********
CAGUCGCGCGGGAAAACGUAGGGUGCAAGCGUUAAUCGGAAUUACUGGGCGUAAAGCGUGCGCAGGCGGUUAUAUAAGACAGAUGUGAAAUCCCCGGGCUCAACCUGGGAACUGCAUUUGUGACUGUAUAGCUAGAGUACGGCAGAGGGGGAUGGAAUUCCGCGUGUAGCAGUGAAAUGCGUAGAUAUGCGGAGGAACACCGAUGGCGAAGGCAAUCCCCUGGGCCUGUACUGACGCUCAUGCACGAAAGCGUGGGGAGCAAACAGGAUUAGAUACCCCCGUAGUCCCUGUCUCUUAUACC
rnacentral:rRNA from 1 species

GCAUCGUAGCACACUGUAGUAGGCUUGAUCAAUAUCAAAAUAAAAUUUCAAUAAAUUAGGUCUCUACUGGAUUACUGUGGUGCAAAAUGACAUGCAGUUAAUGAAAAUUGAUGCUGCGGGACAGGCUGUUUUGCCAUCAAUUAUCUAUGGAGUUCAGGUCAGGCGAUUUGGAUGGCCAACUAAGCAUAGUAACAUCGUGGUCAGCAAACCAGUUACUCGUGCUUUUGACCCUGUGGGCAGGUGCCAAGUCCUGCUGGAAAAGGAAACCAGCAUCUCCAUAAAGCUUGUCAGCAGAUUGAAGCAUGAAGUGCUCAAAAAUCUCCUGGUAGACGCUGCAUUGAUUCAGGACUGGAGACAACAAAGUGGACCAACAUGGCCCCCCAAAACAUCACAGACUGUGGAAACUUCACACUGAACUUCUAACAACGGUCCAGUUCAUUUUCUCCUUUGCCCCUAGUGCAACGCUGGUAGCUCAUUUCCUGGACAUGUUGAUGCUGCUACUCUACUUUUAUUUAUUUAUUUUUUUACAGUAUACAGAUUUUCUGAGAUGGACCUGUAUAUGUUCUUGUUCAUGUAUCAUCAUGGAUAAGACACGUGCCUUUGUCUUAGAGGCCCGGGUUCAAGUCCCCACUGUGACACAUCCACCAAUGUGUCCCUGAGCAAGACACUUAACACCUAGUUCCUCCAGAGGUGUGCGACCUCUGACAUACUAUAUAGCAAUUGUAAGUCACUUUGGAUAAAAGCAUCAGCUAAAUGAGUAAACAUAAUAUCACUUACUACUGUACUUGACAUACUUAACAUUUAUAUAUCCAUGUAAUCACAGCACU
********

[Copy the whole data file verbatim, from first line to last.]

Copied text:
CAGUCGCGCGGGAAAACGUAGGGUGCAAGCGUUAAUCGGAAUUACUGGGCGUAAAGCGUGCGCAGGCGGUUAUAUAAGACAGAUGUGAAAUCCCCGGGCUCAACCUGGGAACUGCAUUUGUGACUGUAUAGCUAGAGUACGGCAGAGGGGGAUGGAAUUCCGCGUGUAGCAGUGAAAUGCGUAGAUAUGCGGAGGAACACCGAUGGCGAAGGCAAUCCCCUGGGCCUGUACUGACGCUCAUGCACGAAAGCGUGGGGAGCAAACAGGAUUAGAUACCCCCGUAGUCCCUGUCUCUUAUACC
rnacentral:rRNA from 1 species

GCAUCGUAGCACACUGUAGUAGGCUUGAUCAAUAUCAAAAUAAAAUUUCAAUAAAUUAGGUCUCUACUGGAUUACUGUGGUGCAAAAUGACAUGCAGUUAAUGAAAAUUGAUGCUGCGGGACAGGCUGUUUUGCCAUCAAUUAUCUAUGGAGUUCAGGUCAGGCGAUUUGGAUGGCCAACUAAGCAUAGUAACAUCGUGGUCAGCAAACCAGUUACUCGUGCUUUUGACCCUGUGGGCAGGUGCCAAGUCCUGCUGGAAAAGGAAACCAGCAUCUCCAUAAAGCUUGUCAGCAGAUUGAAGCAUGAAGUGCUCAAAAAUCUCCUGGUAGACGCUGCAUUGAUUCAGGACUGGAGACAACAAAGUGGACCAACAUGGCCCCCCAAAACAUCACAGACUGUGGAAACUUCACACUGAACUUCUAACAACGGUCCAGUUCAUUUUCUCCUUUGCCCCUAGUGCAACGCUGGUAGCUCAUUUCCUGGACAUGUUGAUGCUGCUACUCUACUUUUAUUUAUUUAUUUUUUUACAGUAUACAGAUUUUCUGAGAUGGACCUGUAUAUGUUCUUGUUCAUGUAUCAUCAUGGAUAAGACACGUGCCUUUGUCUUAGAGGCCCGGGUUCAAGUCCCCACUGUGACACAUCCACCAAUGUGUCCCUGAGCAAGACACUUAACACCUAGUUCCUCCAGAGGUGUGCGACCUCUGACAUACUAUAUAGCAAUUGUAAGUCACUUUGGAUAAAAGCAUCAGCUAAAUGAGUAAACAUAAUAUCACUUACUACUGUACUUGACAUACUUAACAUUUAUAUAUCCAUGUAAUCACAGCACU